Conveyancing fraud: No room for complacency

Fraudulent activity within the conveyancing sector has recently been highlighted in a radio programme by the BBC.

A regular feature which deals with consumer affairs, the first segment of You & Yours spoke about the prevalence of conveyancing fraud within the legal sector, drawing attention to real life cases.

It focussed on caller ‘Eddie’, and how a fraudster was able to dupe his solicitor in regard to the sale of his mother’s property.

He told the programme that he had lost over £27,000 after email correspondence between himself and his solicitor were hacked. The solicitors had sent him copies of a trail of emails that they had supposedly received from him, along with a handwritten letter which had contained the false bank account details. When reviewing these, Eddie realised that rather than having sent these himself, the solicitors had been corresponding with a criminal.

The solicitors were unable to comment on the case as it was still under investigation, however, they stated that their procedures had been reviewed in light of the incident.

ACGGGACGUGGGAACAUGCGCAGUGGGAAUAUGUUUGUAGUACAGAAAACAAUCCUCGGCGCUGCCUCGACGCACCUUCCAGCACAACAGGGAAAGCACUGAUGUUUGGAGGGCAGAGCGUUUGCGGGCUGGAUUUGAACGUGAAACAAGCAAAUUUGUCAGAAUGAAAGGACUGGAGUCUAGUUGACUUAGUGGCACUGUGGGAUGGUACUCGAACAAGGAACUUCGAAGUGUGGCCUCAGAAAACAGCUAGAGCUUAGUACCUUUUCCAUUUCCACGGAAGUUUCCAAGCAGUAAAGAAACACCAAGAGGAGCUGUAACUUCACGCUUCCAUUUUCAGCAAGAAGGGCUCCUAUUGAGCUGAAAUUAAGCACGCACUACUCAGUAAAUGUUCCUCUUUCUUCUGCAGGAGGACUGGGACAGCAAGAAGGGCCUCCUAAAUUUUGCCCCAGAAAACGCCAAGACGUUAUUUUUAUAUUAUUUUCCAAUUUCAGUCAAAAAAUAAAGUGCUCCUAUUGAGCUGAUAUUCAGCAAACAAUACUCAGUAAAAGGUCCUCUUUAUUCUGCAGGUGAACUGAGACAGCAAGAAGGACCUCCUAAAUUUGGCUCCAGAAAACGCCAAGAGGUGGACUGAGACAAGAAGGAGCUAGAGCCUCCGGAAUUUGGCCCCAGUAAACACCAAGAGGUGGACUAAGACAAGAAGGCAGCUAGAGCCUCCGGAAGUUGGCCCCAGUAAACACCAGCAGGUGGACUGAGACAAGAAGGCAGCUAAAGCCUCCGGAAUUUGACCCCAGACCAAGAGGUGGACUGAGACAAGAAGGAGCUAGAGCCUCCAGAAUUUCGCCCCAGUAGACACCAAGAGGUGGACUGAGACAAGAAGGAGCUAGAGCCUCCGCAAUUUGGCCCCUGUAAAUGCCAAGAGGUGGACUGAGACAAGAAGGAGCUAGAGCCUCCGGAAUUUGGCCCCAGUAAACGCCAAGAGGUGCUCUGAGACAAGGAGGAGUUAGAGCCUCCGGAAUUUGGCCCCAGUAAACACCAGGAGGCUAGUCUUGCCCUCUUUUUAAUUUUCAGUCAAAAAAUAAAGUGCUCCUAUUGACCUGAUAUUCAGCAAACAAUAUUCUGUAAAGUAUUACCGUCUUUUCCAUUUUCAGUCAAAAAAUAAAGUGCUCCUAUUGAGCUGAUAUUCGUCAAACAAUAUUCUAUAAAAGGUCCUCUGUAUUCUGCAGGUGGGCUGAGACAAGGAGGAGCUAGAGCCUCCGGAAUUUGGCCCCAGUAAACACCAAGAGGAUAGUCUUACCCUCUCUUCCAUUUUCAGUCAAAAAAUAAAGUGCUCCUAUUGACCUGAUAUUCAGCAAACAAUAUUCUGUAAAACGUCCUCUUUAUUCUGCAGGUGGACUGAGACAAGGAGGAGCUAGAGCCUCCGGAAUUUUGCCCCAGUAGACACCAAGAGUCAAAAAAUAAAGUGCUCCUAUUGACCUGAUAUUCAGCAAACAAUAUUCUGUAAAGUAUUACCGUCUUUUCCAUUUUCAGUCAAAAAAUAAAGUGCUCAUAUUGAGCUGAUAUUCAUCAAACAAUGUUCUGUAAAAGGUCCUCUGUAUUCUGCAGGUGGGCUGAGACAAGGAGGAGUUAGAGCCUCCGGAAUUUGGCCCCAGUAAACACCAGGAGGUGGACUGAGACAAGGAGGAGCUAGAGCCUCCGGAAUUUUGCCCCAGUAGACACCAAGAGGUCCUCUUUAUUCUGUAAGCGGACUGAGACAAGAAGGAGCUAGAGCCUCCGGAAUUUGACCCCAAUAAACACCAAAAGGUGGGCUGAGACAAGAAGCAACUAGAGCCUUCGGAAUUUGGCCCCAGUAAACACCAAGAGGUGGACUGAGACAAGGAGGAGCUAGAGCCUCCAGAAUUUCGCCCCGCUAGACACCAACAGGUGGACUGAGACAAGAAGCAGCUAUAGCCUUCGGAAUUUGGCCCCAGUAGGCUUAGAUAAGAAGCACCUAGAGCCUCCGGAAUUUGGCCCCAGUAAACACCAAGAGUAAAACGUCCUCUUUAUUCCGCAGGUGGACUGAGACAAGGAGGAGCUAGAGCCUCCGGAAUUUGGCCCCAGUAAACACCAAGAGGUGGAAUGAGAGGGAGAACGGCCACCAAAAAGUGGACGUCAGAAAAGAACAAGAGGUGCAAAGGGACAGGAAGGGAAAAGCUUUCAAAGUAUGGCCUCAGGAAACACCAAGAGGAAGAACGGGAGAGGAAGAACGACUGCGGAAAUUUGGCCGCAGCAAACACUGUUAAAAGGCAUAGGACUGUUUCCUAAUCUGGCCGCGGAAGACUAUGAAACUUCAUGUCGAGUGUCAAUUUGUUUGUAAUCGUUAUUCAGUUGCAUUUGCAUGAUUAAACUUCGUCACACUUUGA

Talking on the programme was Christina Blacklaws from the Law Society.

She highlighted the sheer devastation which conveyancing fraud can cause, for both the firm and the consumer.

As well as working with the police, Ms Blacklaws stressed that the Law Society is consistently working with member firms and providing advice and training in order to minimise the risk of such fraud ever taking place.

However, she did highlight that there was no room for complacency among law firms, given that the Society had been drawing attention to the risks of fraud for over three years.

Advising consumers, Ms Blacklaws stated that an alternative method of communication should be formally agreed, only to be used if bank details do need to be changed. Similarly, no confidential information should be given over the phone, especially if the call is unexpected.

The SRA’s Risk Outlook was updated in April 2017 and cybersecurity was highlighted as a priority risk. For further guidance, the Risk Outlook can be accessed here.

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